(Source: CD/Vatican News)
The Vatican announced on Wednesday that as of September 2 Pope Francis’ Wednesday General Audiences will once again take place with the participation of the faithful.
Following the hygiene directives issued by the competent authorities, the audiences for the month of September will be held in the Apostolic Palace’s San Damaso Courtyard, the Prefecture of the Pontifical Household confirmed in a press release.
The statement says that attendance at these General Audiences “is open to anyone who wishes” to participate. It also notes that no ticket is necessary and that it begins at 9:30 am.
The bronze door under the right colonnade of St Peter’s Square will serve as the entrance to the Courtyard.
People wishing to attend will be allowed to enter beginning at at 7:30 am.
A new cycle of catecheses on healing the world post-COVID-19
After a break in July, Pope Francis began August 5 a new series of catecheses in his Wednesday General Audiences on, as he put it, “the pressing questions that the pandemic has brought to the fore, social ills above all”, and that much “in the light of the Gospel, of the theological virtues and of the principles of the Church’s social doctrine”.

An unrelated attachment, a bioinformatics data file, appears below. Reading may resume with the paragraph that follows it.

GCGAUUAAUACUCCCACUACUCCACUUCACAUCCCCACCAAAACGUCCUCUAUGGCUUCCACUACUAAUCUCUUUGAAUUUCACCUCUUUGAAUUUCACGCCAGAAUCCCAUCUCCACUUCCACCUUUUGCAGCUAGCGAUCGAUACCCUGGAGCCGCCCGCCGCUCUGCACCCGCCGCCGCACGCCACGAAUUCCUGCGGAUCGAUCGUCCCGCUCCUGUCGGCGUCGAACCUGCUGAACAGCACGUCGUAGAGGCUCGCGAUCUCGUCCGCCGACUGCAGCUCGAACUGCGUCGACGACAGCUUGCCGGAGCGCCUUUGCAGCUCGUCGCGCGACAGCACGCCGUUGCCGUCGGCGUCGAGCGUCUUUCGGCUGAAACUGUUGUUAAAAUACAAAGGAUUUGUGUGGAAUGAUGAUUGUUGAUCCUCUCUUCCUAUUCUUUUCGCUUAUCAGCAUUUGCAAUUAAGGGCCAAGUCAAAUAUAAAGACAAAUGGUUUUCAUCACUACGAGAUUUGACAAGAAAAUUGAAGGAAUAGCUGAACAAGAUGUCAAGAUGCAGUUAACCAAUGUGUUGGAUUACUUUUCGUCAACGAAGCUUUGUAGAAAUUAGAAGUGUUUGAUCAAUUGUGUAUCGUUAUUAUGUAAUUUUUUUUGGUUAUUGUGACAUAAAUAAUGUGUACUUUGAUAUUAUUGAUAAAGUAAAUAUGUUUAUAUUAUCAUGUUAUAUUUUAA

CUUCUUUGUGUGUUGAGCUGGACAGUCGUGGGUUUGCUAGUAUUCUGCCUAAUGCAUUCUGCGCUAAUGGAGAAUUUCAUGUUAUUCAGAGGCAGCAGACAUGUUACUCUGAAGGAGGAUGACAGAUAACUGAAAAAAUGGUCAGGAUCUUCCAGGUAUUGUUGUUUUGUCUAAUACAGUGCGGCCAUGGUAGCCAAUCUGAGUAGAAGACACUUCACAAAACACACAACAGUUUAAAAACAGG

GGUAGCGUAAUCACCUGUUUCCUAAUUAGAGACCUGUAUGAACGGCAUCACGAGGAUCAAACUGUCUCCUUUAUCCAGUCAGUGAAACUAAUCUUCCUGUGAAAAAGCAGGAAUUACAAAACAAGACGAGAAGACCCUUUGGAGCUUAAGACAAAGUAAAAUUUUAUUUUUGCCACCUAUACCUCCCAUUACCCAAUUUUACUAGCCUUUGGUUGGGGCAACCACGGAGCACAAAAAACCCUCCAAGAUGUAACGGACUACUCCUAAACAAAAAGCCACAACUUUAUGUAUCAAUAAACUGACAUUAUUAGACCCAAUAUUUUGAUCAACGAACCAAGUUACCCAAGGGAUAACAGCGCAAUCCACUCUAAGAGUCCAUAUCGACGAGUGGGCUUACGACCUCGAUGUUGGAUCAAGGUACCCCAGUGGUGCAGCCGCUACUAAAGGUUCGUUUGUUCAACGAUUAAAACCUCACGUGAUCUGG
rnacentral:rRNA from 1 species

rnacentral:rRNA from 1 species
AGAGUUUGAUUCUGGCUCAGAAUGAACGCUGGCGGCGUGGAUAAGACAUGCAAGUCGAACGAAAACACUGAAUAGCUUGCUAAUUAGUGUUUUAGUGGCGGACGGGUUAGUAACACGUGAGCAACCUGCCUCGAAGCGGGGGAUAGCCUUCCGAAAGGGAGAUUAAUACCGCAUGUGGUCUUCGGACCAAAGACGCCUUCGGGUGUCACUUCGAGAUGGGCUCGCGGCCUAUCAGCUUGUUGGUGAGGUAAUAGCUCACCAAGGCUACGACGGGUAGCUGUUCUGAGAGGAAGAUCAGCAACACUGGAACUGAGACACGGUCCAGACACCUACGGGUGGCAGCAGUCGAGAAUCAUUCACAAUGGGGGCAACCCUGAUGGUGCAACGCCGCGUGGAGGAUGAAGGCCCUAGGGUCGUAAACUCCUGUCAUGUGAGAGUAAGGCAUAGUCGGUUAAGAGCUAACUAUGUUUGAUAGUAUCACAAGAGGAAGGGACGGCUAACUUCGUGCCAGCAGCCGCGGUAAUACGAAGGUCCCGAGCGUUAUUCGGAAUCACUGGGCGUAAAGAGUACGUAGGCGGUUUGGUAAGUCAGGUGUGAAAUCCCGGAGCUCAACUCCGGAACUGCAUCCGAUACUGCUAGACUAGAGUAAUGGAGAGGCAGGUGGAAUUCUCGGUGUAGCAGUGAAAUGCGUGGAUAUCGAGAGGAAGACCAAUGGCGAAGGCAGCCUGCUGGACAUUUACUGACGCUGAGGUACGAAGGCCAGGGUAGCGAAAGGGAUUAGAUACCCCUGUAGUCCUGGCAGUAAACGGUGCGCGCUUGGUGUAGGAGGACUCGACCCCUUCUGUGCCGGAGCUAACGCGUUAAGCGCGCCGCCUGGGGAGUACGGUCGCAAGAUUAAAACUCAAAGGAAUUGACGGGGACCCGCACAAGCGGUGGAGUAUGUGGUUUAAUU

In that first address on healing the world post-coronavirus, the pontiff enumerated a series of Catholic ideas “that can help us move forward in preparing the future that we need”.
Those ideas mentioned by the Pope included “the principle of the dignity of the person, the principle of the common good, the principle of the preferential option for the poor, the principle of the universal destination of goods, the principle of the solidarity, of subsidiarity [and] the principle of the care for our common home”.
“The pandemic has highlighted how vulnerable and interconnected everyone is. If we do not take care of one another, starting with the least, with those who are most impacted, including creation, we cannot heal the world”, the Pope then warned August 12 in his second catechesis on the Church’s social doctrine in the light of COVID-19.
August 19 the Bishop of Rome pleaded for “an economy where people, and especially the poorest, are at the centre”, and warned that “it would be sad if, for the vaccine for COVID-19, priority were to be given to the richest”.
The Pope also cautioned that day that it would be “a scandal” if economic bailouts post-coronavirus “were to focus on rescuing those industries that do not contribute to the inclusion of the excluded, the promotion of the least, the common good or the care of creation”.
Perhaps the Pope’s most prophetic words to date on the coronavirus crisis, however, came today, August 26, when he deplored that “the pandemic has exposed and aggravated social problems, above all that of inequality”.
That inequality which sees “a few rich people possess more than all the rest of humanity” reveals a “social illness”, Francis denounced: “a virus that comes from a sick economy”.
“And we must say it simply: the economy is sick”, the Pope decried, adding that the world of finances today “has become ill. It is sick. It is the fruit of unequal economic growth – this is the illness: the fruit of unequal economic growth – that disregards fundamental human values”.